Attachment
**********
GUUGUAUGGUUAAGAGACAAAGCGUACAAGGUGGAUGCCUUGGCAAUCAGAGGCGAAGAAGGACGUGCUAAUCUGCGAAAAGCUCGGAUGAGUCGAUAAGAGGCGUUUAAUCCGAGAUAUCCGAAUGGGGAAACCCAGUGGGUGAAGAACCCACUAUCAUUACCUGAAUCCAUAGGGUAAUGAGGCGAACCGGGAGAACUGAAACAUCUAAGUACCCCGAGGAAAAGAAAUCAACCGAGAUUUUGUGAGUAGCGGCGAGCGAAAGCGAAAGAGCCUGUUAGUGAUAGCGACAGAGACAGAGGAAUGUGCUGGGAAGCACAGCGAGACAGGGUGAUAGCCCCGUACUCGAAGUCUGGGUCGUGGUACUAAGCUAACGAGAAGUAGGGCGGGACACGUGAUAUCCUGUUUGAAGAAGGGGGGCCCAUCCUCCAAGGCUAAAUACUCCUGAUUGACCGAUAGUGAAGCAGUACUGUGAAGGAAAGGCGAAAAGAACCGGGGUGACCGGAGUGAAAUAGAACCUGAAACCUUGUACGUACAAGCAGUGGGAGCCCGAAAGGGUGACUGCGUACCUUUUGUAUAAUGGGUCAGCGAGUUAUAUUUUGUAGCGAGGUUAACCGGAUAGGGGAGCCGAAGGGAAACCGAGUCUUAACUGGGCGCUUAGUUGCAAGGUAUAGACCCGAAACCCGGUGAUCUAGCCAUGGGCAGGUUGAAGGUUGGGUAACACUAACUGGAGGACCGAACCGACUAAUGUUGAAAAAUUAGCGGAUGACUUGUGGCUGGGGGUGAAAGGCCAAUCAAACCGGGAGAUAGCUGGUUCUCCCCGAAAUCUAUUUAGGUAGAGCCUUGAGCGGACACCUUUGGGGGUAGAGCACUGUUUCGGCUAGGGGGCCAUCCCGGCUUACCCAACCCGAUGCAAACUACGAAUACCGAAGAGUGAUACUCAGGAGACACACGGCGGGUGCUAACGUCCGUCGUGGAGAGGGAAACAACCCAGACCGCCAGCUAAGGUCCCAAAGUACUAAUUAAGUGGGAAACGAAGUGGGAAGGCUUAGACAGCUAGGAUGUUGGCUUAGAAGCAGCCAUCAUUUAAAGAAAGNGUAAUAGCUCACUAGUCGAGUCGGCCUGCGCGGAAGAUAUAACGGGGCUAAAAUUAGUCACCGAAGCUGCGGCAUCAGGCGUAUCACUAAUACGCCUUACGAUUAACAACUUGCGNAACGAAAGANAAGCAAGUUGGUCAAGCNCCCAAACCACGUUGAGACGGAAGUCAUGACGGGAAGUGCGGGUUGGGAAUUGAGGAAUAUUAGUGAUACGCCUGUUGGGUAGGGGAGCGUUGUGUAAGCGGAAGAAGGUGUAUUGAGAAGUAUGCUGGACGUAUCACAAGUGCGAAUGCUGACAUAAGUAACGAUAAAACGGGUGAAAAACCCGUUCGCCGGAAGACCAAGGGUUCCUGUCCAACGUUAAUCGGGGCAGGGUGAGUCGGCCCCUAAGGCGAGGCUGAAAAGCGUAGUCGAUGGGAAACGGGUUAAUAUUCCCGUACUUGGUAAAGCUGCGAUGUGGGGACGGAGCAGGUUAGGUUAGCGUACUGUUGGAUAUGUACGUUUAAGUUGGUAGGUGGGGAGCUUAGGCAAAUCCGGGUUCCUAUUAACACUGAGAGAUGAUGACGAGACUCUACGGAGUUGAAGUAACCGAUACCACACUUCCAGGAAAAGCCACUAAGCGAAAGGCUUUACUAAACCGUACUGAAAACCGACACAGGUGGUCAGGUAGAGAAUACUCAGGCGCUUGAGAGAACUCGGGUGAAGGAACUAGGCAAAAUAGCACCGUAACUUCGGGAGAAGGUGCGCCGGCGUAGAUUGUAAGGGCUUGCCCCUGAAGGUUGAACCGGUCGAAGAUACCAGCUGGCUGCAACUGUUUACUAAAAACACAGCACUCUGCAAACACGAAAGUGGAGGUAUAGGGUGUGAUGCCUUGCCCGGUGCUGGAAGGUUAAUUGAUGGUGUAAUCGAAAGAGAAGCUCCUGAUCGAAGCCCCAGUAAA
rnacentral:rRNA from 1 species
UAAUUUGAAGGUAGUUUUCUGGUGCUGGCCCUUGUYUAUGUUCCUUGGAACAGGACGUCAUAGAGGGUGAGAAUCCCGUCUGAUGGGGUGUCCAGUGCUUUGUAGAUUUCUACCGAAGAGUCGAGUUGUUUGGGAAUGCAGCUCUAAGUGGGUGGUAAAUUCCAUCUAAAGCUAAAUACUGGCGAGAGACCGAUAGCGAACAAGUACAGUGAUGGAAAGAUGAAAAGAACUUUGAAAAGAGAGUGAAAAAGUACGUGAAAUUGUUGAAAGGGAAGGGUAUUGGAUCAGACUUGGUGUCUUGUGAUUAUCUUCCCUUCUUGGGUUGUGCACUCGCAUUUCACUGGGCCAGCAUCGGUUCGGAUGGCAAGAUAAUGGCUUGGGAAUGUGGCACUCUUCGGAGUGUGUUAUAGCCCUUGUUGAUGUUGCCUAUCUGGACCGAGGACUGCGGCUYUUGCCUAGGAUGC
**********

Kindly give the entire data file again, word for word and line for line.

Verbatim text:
GUUGUAUGGUUAAGAGACAAAGCGUACAAGGUGGAUGCCUUGGCAAUCAGAGGCGAAGAAGGACGUGCUAAUCUGCGAAAAGCUCGGAUGAGUCGAUAAGAGGCGUUUAAUCCGAGAUAUCCGAAUGGGGAAACCCAGUGGGUGAAGAACCCACUAUCAUUACCUGAAUCCAUAGGGUAAUGAGGCGAACCGGGAGAACUGAAACAUCUAAGUACCCCGAGGAAAAGAAAUCAACCGAGAUUUUGUGAGUAGCGGCGAGCGAAAGCGAAAGAGCCUGUUAGUGAUAGCGACAGAGACAGAGGAAUGUGCUGGGAAGCACAGCGAGACAGGGUGAUAGCCCCGUACUCGAAGUCUGGGUCGUGGUACUAAGCUAACGAGAAGUAGGGCGGGACACGUGAUAUCCUGUUUGAAGAAGGGGGGCCCAUCCUCCAAGGCUAAAUACUCCUGAUUGACCGAUAGUGAAGCAGUACUGUGAAGGAAAGGCGAAAAGAACCGGGGUGACCGGAGUGAAAUAGAACCUGAAACCUUGUACGUACAAGCAGUGGGAGCCCGAAAGGGUGACUGCGUACCUUUUGUAUAAUGGGUCAGCGAGUUAUAUUUUGUAGCGAGGUUAACCGGAUAGGGGAGCCGAAGGGAAACCGAGUCUUAACUGGGCGCUUAGUUGCAAGGUAUAGACCCGAAACCCGGUGAUCUAGCCAUGGGCAGGUUGAAGGUUGGGUAACACUAACUGGAGGACCGAACCGACUAAUGUUGAAAAAUUAGCGGAUGACUUGUGGCUGGGGGUGAAAGGCCAAUCAAACCGGGAGAUAGCUGGUUCUCCCCGAAAUCUAUUUAGGUAGAGCCUUGAGCGGACACCUUUGGGGGUAGAGCACUGUUUCGGCUAGGGGGCCAUCCCGGCUUACCCAACCCGAUGCAAACUACGAAUACCGAAGAGUGAUACUCAGGAGACACACGGCGGGUGCUAACGUCCGUCGUGGAGAGGGAAACAACCCAGACCGCCAGCUAAGGUCCCAAAGUACUAAUUAAGUGGGAAACGAAGUGGGAAGGCUUAGACAGCUAGGAUGUUGGCUUAGAAGCAGCCAUCAUUUAAAGAAAGNGUAAUAGCUCACUAGUCGAGUCGGCCUGCGCGGAAGAUAUAACGGGGCUAAAAUUAGUCACCGAAGCUGCGGCAUCAGGCGUAUCACUAAUACGCCUUACGAUUAACAACUUGCGNAACGAAAGANAAGCAAGUUGGUCAAGCNCCCAAACCACGUUGAGACGGAAGUCAUGACGGGAAGUGCGGGUUGGGAAUUGAGGAAUAUUAGUGAUACGCCUGUUGGGUAGGGGAGCGUUGUGUAAGCGGAAGAAGGUGUAUUGAGAAGUAUGCUGGACGUAUCACAAGUGCGAAUGCUGACAUAAGUAACGAUAAAACGGGUGAAAAACCCGUUCGCCGGAAGACCAAGGGUUCCUGUCCAACGUUAAUCGGGGCAGGGUGAGUCGGCCCCUAAGGCGAGGCUGAAAAGCGUAGUCGAUGGGAAACGGGUUAAUAUUCCCGUACUUGGUAAAGCUGCGAUGUGGGGACGGAGCAGGUUAGGUUAGCGUACUGUUGGAUAUGUACGUUUAAGUUGGUAGGUGGGGAGCUUAGGCAAAUCCGGGUUCCUAUUAACACUGAGAGAUGAUGACGAGACUCUACGGAGUUGAAGUAACCGAUACCACACUUCCAGGAAAAGCCACUAAGCGAAAGGCUUUACUAAACCGUACUGAAAACCGACACAGGUGGUCAGGUAGAGAAUACUCAGGCGCUUGAGAGAACUCGGGUGAAGGAACUAGGCAAAAUAGCACCGUAACUUCGGGAGAAGGUGCGCCGGCGUAGAUUGUAAGGGCUUGCCCCUGAAGGUUGAACCGGUCGAAGAUACCAGCUGGCUGCAACUGUUUACUAAAAACACAGCACUCUGCAAACACGAAAGUGGAGGUAUAGGGUGUGAUGCCUUGCCCGGUGCUGGAAGGUUAAUUGAUGGUGUAAUCGAAAGAGAAGCUCCUGAUCGAAGCCCCAGUAAA
rnacentral:rRNA from 1 species
UAAUUUGAAGGUAGUUUUCUGGUGCUGGCCCUUGUYUAUGUUCCUUGGAACAGGACGUCAUAGAGGGUGAGAAUCCCGUCUGAUGGGGUGUCCAGUGCUUUGUAGAUUUCUACCGAAGAGUCGAGUUGUUUGGGAAUGCAGCUCUAAGUGGGUGGUAAAUUCCAUCUAAAGCUAAAUACUGGCGAGAGACCGAUAGCGAACAAGUACAGUGAUGGAAAGAUGAAAAGAACUUUGAAAAGAGAGUGAAAAAGUACGUGAAAUUGUUGAAAGGGAAGGGUAUUGGAUCAGACUUGGUGUCUUGUGAUUAUCUUCCCUUCUUGGGUUGUGCACUCGCAUUUCACUGGGCCAGCAUCGGUUCGGAUGGCAAGAUAAUGGCUUGGGAAUGUGGCACUCUUCGGAGUGUGUUAUAGCCCUUGUUGAUGUUGCCUAUCUGGACCGAGGACUGCGGCUYUUGCCUAGGAUGC